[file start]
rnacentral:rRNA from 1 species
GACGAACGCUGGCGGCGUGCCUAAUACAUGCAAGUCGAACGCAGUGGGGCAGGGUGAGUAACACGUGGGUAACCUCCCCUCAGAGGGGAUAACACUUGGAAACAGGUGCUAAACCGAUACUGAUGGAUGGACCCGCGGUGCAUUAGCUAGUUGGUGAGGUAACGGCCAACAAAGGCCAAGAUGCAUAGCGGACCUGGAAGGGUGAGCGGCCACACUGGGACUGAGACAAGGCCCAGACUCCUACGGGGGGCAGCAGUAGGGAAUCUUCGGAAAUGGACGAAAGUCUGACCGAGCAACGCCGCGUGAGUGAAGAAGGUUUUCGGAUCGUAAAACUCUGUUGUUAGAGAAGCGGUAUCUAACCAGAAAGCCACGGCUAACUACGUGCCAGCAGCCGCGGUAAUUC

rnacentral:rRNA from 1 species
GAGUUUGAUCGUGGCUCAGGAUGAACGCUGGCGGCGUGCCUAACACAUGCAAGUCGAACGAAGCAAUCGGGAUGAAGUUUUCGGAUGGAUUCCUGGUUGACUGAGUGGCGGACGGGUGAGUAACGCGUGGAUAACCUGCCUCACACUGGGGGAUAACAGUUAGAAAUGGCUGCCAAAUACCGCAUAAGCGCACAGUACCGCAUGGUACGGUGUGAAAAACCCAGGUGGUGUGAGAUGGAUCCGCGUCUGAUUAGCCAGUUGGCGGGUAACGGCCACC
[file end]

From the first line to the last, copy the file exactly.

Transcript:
rnacentral:rRNA from 1 species
GACGAACGCUGGCGGCGUGCCUAAUACAUGCAAGUCGAACGCAGUGGGGCAGGGUGAGUAACACGUGGGUAACCUCCCCUCAGAGGGGAUAACACUUGGAAACAGGUGCUAAACCGAUACUGAUGGAUGGACCCGCGGUGCAUUAGCUAGUUGGUGAGGUAACGGCCAACAAAGGCCAAGAUGCAUAGCGGACCUGGAAGGGUGAGCGGCCACACUGGGACUGAGACAAGGCCCAGACUCCUACGGGGGGCAGCAGUAGGGAAUCUUCGGAAAUGGACGAAAGUCUGACCGAGCAACGCCGCGUGAGUGAAGAAGGUUUUCGGAUCGUAAAACUCUGUUGUUAGAGAAGCGGUAUCUAACCAGAAAGCCACGGCUAACUACGUGCCAGCAGCCGCGGUAAUUC

rnacentral:rRNA from 1 species
GAGUUUGAUCGUGGCUCAGGAUGAACGCUGGCGGCGUGCCUAACACAUGCAAGUCGAACGAAGCAAUCGGGAUGAAGUUUUCGGAUGGAUUCCUGGUUGACUGAGUGGCGGACGGGUGAGUAACGCGUGGAUAACCUGCCUCACACUGGGGGAUAACAGUUAGAAAUGGCUGCCAAAUACCGCAUAAGCGCACAGUACCGCAUGGUACGGUGUGAAAAACCCAGGUGGUGUGAGAUGGAUCCGCGUCUGAUUAGCCAGUUGGCGGGUAACGGCCACC